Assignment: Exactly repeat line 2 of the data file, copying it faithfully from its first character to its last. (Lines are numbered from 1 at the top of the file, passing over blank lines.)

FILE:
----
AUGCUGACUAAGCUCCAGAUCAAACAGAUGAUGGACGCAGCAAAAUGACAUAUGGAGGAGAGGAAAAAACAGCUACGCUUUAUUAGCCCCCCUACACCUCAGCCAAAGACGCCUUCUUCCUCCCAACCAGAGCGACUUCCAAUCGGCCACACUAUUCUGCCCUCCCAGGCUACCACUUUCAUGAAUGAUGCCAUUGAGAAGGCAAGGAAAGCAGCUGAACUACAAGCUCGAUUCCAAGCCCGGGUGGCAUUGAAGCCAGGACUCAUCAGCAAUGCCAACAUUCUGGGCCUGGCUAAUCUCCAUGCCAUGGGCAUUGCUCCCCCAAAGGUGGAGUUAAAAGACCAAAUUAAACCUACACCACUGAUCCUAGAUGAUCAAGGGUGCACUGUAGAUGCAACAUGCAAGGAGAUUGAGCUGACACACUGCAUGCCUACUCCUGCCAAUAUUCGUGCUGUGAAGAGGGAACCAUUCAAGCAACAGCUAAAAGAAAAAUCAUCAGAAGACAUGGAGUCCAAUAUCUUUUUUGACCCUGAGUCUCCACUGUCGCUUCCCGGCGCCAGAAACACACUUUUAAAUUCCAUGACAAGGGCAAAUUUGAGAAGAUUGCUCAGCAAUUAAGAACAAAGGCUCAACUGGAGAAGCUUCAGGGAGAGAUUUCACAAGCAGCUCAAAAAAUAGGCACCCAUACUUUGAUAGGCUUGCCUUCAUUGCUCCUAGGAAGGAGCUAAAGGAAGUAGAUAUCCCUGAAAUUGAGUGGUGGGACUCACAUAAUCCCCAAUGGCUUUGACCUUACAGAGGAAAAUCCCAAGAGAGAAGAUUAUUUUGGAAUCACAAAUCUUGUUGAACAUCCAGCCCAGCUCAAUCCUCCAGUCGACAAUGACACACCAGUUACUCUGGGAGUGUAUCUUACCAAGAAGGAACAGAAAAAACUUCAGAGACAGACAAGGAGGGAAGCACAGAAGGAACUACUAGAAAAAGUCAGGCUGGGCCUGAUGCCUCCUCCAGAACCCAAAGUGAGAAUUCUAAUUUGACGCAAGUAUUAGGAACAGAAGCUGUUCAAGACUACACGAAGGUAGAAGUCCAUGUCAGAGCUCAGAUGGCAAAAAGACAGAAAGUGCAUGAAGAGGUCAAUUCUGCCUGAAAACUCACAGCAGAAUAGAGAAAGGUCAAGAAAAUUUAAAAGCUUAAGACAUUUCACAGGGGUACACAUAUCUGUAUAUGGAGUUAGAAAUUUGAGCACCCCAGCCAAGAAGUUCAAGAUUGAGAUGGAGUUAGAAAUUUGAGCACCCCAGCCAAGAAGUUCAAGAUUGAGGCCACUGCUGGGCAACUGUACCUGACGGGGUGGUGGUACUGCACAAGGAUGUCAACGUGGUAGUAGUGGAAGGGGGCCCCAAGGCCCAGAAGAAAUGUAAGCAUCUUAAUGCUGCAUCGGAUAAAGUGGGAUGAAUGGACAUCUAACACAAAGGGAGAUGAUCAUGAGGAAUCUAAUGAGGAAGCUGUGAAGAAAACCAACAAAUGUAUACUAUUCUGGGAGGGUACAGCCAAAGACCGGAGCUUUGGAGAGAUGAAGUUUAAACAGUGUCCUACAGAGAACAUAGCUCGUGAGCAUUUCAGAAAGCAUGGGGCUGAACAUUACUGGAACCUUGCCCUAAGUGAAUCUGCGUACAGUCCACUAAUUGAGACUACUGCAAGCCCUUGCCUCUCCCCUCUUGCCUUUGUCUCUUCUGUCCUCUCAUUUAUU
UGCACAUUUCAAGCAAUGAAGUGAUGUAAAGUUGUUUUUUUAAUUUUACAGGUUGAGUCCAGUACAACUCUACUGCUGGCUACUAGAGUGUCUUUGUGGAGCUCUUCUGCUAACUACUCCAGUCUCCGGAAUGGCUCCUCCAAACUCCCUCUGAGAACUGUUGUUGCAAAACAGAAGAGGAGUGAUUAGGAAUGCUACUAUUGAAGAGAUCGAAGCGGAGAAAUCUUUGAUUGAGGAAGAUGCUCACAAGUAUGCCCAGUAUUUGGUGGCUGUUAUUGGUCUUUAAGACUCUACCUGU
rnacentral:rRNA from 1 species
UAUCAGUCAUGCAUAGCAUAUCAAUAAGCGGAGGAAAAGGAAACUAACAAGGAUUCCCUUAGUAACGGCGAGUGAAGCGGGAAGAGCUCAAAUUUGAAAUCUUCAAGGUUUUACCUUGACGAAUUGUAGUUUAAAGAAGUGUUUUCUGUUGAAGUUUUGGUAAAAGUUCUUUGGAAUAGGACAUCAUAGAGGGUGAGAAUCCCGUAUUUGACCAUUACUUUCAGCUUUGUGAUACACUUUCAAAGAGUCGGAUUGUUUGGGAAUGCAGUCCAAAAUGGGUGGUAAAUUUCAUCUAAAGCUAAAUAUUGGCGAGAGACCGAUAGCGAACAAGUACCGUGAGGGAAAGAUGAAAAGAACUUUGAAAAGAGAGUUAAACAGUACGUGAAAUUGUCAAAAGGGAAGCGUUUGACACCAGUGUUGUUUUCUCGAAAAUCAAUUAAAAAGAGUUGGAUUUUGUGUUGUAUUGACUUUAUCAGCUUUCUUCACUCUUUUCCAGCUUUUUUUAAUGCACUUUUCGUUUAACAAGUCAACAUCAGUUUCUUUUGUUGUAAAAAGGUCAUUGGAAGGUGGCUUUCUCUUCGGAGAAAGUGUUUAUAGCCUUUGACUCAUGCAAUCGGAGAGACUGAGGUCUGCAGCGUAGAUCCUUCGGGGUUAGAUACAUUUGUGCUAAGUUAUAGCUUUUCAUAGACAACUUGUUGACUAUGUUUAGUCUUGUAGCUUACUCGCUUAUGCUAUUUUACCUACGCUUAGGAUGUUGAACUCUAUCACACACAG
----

UGCACAUUUCAAGCAAUGAAGUGAUGUAAAGUUGUUUUUUUAAUUUUACAGGUUGAGUCCAGUACAACUCUACUGCUGGCUACUAGAGUGUCUUUGUGGAGCUCUUCUGCUAACUACUCCAGUCUCCGGAAUGGCUCCUCCAAACUCCCUCUGAGAACUGUUGUUGCAAAACAGAAGAGGAGUGAUUAGGAAUGCUACUAUUGAAGAGAUCGAAGCGGAGAAAUCUUUGAUUGAGGAAGAUGCUCACAAGUAUGCCCAGUAUUUGGUGGCUGUUAUUGGUCUUUAAGACUCUACCUGU